We attempted to prepare sustained release fine particles using a two-step mechanical powder processing method; particle-shape modification and dry particle coating. First, particle shape of bulk drug was modified by mechanical treatment to yield drug crystals suitable for the coating process. Drug crystals became more rounded with increasing rotation speed, which demonstrates that powerful mechanical stress yields spherical drug crystals with narrow size distribution. This process is the result of destruction, granulation and refinement of drug crystals. Second, the modified drug particles and polymer coating powder were mechanically treated to prepare composite particles. Polymer nanoparticle agglomerate obtained by drying poly(meth)acrylate aqueous dispersion was used as a coating powder. The porous nanoparticle agglomerate has superior coating performance, because it is completely deagglomerated under mechanical stress to form fine fragments that act as guest particles. As a result, spherical drug crystals treated with porous agglomerate were effectively coated by poly(meth)acrylate powder, showing sustained release after curing. From these findings, particle-shape modification of drug crystals and dry particle coating with nanoparticle agglomerate using a mechanical powder processor is expected as an innovative technique for preparing controlled-release coated particles having high drug content and size smaller than 100 μm.
Keywords: Mechanical powder processing; Particle shape modification; Dry particle coating; Sustained release fine particle; Polymethacrylate nanoparticle agglomerate; Theophylline;
N-terminal mono-PEGylation of growth hormone antagonist: Correlation of PEG size and pharmacodynamic behavior by Ling Wu; Sa V. Ho; Wei Wang; Jianping Gao; Guifeng Zhang; Zhiguo Su; Tao Hu (533-540).
Growth hormone antagonist (GHA), an analog of growth hormone (GH), can inhibit GH action and treat acromegaly. However, GHA suffers from a short plasma half-life of 15–20 min that has limited its clinical application. PEGylation, conjugation with polyethylene glycol (PEG), can increase the plasma half-life of GHA. Single PEG attachment (mono-PEGylation) at N-terminus of GHA has the advantages of product homogeneity and minimization of the bioactivity loss. Conjugation of large PEG molecule may increase the plasma half-life but could potentially decrease the bioactivity of GHA, due to the steric shielding effect of PEG. Thus, N-terminal mono-PEGylation of GHA with 20 kDa and 40 kDa PEG were used to look for a balance of the two competing factors. Sedimentation velocity analysis suggested that 40 kDa PEG was more efficient than 20 kDa PEG to elongate the molecular shape of the conjugate. As reflected by marginal suppression of insulin-like growth factor I (IGF-I), GHA conjugated with 40 kDa PEG was statistically indistinguishable from the saline solution that could not inhibit GH action. In contrast, GHA conjugated with 20 kDa PEG can apparently inhibit GH action, as reflected by IGF-I suppression of 30–43%. Thus, our work demonstrated the effective therapeutic potency of N-terminally mono-PEGylated GHA.
Keywords: PEGylation; Growth hormone antagonist; N-terminus; Polyethylene glycol; Acromegaly;
Acid-cleavable ketal containing poly(β-amino ester) for enhanced siRNA delivery by Kyeonghye Guk; Hyungsuk Lim; Byungkuk Kim; Minsung Hong; Gilson Khang; Dongwon Lee (541-550).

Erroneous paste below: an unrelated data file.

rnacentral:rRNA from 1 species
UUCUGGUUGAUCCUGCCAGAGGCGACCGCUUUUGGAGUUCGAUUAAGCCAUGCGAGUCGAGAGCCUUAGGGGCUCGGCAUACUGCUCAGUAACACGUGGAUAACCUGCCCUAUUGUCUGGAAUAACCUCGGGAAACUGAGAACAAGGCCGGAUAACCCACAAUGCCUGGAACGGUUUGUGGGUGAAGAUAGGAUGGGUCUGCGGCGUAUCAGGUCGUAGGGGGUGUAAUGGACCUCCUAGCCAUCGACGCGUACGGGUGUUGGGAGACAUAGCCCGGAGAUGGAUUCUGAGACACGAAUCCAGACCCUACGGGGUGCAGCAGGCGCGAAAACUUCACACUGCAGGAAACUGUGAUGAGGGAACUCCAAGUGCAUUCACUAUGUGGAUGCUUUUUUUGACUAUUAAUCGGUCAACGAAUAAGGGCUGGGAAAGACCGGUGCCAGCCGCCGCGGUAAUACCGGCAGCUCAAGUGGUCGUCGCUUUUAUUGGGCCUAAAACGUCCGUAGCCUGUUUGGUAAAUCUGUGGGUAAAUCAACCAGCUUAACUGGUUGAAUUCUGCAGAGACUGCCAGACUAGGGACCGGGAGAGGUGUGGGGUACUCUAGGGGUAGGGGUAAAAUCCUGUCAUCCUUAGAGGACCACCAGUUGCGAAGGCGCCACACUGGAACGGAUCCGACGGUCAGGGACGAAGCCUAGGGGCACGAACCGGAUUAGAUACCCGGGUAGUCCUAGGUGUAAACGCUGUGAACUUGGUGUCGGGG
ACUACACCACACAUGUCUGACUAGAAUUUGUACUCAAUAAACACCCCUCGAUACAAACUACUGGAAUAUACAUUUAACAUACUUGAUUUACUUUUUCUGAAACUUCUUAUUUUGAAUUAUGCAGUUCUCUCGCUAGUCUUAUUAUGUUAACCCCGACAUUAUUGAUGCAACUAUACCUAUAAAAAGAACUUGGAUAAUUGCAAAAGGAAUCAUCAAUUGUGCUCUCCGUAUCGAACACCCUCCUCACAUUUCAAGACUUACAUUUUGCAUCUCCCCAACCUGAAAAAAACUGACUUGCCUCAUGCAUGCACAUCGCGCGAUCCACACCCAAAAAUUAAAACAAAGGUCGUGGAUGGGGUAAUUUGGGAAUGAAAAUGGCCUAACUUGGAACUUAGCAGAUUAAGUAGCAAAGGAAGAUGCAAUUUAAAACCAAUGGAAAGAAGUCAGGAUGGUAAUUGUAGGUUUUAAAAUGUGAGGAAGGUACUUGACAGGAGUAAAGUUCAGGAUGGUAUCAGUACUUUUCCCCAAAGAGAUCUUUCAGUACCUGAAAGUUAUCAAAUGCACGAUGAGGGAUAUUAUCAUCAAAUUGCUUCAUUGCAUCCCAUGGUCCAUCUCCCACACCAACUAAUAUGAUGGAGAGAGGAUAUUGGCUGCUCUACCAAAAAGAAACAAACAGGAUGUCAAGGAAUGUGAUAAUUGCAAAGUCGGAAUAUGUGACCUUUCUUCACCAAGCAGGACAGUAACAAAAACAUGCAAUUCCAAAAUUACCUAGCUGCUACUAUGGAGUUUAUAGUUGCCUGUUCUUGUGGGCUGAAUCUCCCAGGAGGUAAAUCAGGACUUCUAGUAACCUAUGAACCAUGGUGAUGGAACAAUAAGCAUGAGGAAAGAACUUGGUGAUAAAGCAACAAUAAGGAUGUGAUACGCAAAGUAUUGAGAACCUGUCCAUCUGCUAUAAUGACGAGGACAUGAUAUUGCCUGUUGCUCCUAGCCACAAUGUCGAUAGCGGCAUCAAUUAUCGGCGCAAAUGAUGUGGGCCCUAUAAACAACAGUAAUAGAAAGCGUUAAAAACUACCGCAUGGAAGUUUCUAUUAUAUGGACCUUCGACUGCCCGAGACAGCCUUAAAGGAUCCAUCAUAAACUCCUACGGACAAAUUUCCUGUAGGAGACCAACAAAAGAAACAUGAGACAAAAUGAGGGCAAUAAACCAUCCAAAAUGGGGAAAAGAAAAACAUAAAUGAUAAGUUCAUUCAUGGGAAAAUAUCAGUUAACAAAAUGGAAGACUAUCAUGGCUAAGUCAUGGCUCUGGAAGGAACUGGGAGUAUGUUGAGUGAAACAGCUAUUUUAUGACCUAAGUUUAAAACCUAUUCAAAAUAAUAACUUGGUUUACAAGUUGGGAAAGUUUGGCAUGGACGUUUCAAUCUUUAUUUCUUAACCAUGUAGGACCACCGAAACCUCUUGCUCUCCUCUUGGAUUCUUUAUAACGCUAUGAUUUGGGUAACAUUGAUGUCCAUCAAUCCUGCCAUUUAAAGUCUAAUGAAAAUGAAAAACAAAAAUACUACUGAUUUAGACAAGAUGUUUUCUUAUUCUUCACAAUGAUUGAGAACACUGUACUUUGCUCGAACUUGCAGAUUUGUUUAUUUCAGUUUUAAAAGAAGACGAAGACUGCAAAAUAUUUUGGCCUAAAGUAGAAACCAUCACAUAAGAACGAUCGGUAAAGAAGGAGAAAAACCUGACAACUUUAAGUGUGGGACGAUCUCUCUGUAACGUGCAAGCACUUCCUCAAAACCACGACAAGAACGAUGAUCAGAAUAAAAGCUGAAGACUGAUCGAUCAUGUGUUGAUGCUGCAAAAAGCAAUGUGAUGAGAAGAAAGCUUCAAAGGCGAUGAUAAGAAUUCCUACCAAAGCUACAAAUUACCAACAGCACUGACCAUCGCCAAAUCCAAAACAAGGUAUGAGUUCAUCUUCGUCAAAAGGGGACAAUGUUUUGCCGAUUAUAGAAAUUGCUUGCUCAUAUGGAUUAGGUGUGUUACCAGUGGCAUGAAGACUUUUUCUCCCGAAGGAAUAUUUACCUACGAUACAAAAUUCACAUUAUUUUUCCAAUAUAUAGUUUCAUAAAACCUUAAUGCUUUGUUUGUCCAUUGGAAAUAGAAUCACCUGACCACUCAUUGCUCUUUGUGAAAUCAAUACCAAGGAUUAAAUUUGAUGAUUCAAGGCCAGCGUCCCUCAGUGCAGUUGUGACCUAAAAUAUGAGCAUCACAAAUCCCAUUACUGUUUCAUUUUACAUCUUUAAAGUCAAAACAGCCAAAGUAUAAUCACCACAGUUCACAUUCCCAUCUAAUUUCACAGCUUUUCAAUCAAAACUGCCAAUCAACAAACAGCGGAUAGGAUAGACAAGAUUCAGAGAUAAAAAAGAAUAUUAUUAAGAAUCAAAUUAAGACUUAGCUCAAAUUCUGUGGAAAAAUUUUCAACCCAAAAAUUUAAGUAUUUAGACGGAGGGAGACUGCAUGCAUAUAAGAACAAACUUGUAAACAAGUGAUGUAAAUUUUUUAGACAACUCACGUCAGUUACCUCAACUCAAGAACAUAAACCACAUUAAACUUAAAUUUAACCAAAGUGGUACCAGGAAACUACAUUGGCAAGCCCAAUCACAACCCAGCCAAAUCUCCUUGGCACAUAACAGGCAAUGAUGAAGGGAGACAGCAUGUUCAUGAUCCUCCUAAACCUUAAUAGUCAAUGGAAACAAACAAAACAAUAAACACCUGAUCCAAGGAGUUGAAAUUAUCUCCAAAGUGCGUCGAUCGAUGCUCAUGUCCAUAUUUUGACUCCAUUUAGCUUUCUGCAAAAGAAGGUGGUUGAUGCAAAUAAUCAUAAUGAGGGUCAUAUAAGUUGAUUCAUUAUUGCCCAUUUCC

The safe and effective intracellular delivery of nucleic acids remains the most challenging obstacle to the broad application of gene therapy in clinic. Endosomal escape of nucleic acids is also a major barrier for efficient gene delivery. Ketal linkage is known to readily cleave at the acidic pH of endosomal compartments. Here, we report ketal containing poly(β-amino ester) (KPAE) as an acid-cleavable non-viral siRNA delivery system. KPAE efficiently condensed siRNA into nanocomplexes with a diameter of ∼150 nm, which are stable under neutral conditions but rapidly dissociate to release siRNA at acidic pH. KPAE had a buffering capacity due to the presence of secondary amines in its backbone, confirmed by acid–base titration. Moreover, the studies of confocal fluorescence imaging using calcein and LysoTracker Red revealed that KPAE disrupted endosomes by colloid osmotic mechanism and “proton sponge” effects. Cell culture studies demonstrated that KPAE can deliver tumor necrosis factor-α (TNF-α) siRNA to lipopolysaccharide (LPS)-stimulated macrophages and significantly inhibit the expression of TNF-α. The results demonstrate that acid-cleavable KPAE has great potential as gene delivery systems based on its excellent biocompatibility, pH sensitivity and high gene delivery efficiency.
Keywords: Gene silencing; Biodegradable polymer; siRNA; Poly(β-amino esters); pH-sensitive;
Synthesis of surfactant free PCL–PEG brushed nanoparticles with tunable degradation kinetics by Raffaele Ferrari; Claudio Colombo; Cristina Casali; Monica Lupi; Paolo Ubezio; Francesca Falcetta; Maurizio D’Incalci; Massimo Morbidelli; Davide Moscatelli (551-559).
A delivery system based on polymer nanoparticles (NPs) is developed and tested in relevant biological conditions for breast cancer treatment. ɛ-Caprolactone (CL) and polyethylene glycol (PEG) copolymers have been used for the one pot synthesis of surfactant free PEGylated NPs which are monodispersed, stable in physiological conditions and have size in the range 90–250 nm. The degradation behavior of these NPs has been investigated in cell medium and a relation between degradation time and molecular weight of the starting CL-based material has been established. This allows producing NPs with controlled degradation kinetics. Finally, selected NPs have been tested in 4T1 breast cancer cells to check their toxicity and to investigate the uptake process, in order to validate their use as targeted vectors for breast cancer treatment.